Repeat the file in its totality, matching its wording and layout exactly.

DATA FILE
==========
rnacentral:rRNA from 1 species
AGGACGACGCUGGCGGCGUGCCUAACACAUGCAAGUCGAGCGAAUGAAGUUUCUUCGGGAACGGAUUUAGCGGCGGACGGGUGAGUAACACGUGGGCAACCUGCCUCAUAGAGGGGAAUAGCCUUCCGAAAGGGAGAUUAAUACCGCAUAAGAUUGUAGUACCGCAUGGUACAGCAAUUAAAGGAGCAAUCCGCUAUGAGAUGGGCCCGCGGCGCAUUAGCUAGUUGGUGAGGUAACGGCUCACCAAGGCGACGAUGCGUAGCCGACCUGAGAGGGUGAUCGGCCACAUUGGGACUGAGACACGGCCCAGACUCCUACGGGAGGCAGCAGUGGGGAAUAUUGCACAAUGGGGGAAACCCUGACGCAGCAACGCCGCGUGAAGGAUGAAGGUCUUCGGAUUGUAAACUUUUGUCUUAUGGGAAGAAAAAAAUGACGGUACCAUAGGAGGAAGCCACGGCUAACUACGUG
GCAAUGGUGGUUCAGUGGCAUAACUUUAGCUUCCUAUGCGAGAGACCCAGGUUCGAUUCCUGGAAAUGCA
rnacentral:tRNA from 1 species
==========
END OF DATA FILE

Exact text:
rnacentral:rRNA from 1 species
AGGACGACGCUGGCGGCGUGCCUAACACAUGCAAGUCGAGCGAAUGAAGUUUCUUCGGGAACGGAUUUAGCGGCGGACGGGUGAGUAACACGUGGGCAACCUGCCUCAUAGAGGGGAAUAGCCUUCCGAAAGGGAGAUUAAUACCGCAUAAGAUUGUAGUACCGCAUGGUACAGCAAUUAAAGGAGCAAUCCGCUAUGAGAUGGGCCCGCGGCGCAUUAGCUAGUUGGUGAGGUAACGGCUCACCAAGGCGACGAUGCGUAGCCGACCUGAGAGGGUGAUCGGCCACAUUGGGACUGAGACACGGCCCAGACUCCUACGGGAGGCAGCAGUGGGGAAUAUUGCACAAUGGGGGAAACCCUGACGCAGCAACGCCGCGUGAAGGAUGAAGGUCUUCGGAUUGUAAACUUUUGUCUUAUGGGAAGAAAAAAAUGACGGUACCAUAGGAGGAAGCCACGGCUAACUACGUG
GCAAUGGUGGUUCAGUGGCAUAACUUUAGCUUCCUAUGCGAGAGACCCAGGUUCGAUUCCUGGAAAUGCA
rnacentral:tRNA from 1 species